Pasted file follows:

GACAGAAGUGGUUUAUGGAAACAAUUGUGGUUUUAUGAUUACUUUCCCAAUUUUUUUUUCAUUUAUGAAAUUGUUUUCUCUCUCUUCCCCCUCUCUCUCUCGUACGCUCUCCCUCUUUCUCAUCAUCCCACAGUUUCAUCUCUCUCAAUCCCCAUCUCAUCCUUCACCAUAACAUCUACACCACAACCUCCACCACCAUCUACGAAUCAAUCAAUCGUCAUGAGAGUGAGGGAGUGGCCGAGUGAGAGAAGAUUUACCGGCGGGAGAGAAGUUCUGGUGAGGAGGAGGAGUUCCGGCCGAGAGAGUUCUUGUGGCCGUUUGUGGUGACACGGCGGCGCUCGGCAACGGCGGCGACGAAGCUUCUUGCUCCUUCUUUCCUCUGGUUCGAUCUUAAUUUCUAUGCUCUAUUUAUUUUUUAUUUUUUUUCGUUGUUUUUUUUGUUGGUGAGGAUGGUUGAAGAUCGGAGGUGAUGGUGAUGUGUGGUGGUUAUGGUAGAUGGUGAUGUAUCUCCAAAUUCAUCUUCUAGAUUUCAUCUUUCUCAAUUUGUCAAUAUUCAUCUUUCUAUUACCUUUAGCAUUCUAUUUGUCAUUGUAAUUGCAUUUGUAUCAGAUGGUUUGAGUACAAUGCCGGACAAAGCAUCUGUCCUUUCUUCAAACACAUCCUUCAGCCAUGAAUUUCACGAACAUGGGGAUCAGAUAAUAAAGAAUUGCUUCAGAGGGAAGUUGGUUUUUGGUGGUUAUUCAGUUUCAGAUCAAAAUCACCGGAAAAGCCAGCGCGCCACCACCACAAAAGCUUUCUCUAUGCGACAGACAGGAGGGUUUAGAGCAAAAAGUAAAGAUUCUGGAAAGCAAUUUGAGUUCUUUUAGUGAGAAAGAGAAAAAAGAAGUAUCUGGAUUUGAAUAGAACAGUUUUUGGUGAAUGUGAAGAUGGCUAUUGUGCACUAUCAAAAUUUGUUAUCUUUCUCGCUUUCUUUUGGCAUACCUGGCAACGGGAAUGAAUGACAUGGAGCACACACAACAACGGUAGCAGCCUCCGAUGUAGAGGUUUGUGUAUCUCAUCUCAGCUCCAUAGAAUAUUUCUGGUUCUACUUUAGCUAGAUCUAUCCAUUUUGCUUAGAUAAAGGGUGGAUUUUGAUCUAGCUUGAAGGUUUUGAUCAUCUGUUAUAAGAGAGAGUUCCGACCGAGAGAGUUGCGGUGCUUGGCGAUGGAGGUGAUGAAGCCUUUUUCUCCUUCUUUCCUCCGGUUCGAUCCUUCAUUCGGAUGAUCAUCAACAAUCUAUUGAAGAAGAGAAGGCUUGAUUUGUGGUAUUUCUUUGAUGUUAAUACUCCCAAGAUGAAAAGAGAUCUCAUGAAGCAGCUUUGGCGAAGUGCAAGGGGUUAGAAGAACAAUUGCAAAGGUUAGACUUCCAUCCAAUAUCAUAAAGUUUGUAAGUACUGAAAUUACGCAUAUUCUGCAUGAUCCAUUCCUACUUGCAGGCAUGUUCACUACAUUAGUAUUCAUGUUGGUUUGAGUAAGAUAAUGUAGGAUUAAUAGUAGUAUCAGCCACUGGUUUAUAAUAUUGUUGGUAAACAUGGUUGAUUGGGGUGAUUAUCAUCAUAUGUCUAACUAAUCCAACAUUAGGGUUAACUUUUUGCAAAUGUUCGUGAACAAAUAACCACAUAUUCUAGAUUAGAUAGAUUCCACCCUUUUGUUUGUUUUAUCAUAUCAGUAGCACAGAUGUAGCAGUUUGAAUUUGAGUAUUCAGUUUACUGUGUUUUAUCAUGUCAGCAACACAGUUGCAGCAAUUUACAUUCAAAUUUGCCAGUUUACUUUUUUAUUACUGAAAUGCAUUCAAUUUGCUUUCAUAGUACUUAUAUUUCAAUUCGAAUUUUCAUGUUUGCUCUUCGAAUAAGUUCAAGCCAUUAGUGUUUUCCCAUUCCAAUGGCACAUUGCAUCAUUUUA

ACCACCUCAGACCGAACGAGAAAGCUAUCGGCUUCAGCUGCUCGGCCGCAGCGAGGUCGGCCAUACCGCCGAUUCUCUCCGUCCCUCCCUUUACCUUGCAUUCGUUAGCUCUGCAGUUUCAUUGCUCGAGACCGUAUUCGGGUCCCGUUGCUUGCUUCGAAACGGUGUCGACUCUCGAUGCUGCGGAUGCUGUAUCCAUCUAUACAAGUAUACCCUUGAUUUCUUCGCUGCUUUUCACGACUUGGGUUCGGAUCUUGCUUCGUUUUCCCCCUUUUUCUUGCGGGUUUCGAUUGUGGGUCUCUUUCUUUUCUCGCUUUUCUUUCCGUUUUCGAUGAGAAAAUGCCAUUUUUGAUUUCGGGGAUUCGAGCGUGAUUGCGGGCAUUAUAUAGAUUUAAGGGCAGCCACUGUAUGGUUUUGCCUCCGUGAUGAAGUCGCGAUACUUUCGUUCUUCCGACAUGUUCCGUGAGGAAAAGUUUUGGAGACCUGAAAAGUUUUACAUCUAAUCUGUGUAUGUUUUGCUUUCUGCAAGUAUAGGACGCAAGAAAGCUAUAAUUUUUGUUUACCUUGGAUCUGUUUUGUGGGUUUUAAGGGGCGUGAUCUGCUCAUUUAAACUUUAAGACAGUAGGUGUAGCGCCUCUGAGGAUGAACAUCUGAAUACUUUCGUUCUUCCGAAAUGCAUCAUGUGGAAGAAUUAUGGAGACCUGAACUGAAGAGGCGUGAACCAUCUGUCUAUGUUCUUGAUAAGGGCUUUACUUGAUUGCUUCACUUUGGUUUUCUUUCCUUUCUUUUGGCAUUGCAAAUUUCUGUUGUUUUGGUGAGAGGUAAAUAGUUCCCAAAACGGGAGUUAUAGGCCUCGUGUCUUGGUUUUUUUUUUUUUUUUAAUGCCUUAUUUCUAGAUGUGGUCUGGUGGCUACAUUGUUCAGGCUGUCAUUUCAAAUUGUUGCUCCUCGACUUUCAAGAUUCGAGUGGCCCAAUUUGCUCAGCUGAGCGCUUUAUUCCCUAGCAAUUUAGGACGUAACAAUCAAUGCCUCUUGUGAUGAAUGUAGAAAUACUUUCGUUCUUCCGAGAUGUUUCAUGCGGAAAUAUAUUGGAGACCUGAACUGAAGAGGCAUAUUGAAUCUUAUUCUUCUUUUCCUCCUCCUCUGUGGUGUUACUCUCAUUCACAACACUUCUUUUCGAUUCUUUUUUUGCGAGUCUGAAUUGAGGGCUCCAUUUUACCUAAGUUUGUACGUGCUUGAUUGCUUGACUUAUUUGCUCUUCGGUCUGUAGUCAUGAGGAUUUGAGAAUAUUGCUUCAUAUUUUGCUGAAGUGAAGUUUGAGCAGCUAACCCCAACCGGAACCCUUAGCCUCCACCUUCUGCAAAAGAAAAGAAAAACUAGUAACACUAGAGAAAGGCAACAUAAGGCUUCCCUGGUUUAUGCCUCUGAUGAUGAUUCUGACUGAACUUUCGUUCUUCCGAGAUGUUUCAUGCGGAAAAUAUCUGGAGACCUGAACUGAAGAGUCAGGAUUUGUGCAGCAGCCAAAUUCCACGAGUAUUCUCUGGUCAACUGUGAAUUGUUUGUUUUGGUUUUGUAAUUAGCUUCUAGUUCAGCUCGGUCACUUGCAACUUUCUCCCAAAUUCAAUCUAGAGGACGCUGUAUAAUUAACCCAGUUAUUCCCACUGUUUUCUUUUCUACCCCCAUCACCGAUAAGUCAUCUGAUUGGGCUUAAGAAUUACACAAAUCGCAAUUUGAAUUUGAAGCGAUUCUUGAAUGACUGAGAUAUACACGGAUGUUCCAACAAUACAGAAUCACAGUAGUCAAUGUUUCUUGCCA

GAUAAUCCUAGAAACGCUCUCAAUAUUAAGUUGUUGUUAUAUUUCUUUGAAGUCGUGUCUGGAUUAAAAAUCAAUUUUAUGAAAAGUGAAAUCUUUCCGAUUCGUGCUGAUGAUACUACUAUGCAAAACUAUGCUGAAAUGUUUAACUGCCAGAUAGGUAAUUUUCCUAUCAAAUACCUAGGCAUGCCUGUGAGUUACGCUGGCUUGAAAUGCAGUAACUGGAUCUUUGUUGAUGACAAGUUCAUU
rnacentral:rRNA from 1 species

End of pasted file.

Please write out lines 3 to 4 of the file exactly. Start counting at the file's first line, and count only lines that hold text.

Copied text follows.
GAUAAUCCUAGAAACGCUCUCAAUAUUAAGUUGUUGUUAUAUUUCUUUGAAGUCGUGUCUGGAUUAAAAAUCAAUUUUAUGAAAAGUGAAAUCUUUCCGAUUCGUGCUGAUGAUACUACUAUGCAAAACUAUGCUGAAAUGUUUAACUGCCAGAUAGGUAAUUUUCCUAUCAAAUACCUAGGCAUGCCUGUGAGUUACGCUGGCUUGAAAUGCAGUAACUGGAUCUUUGUUGAUGACAAGUUCAUU
rnacentral:rRNA from 1 species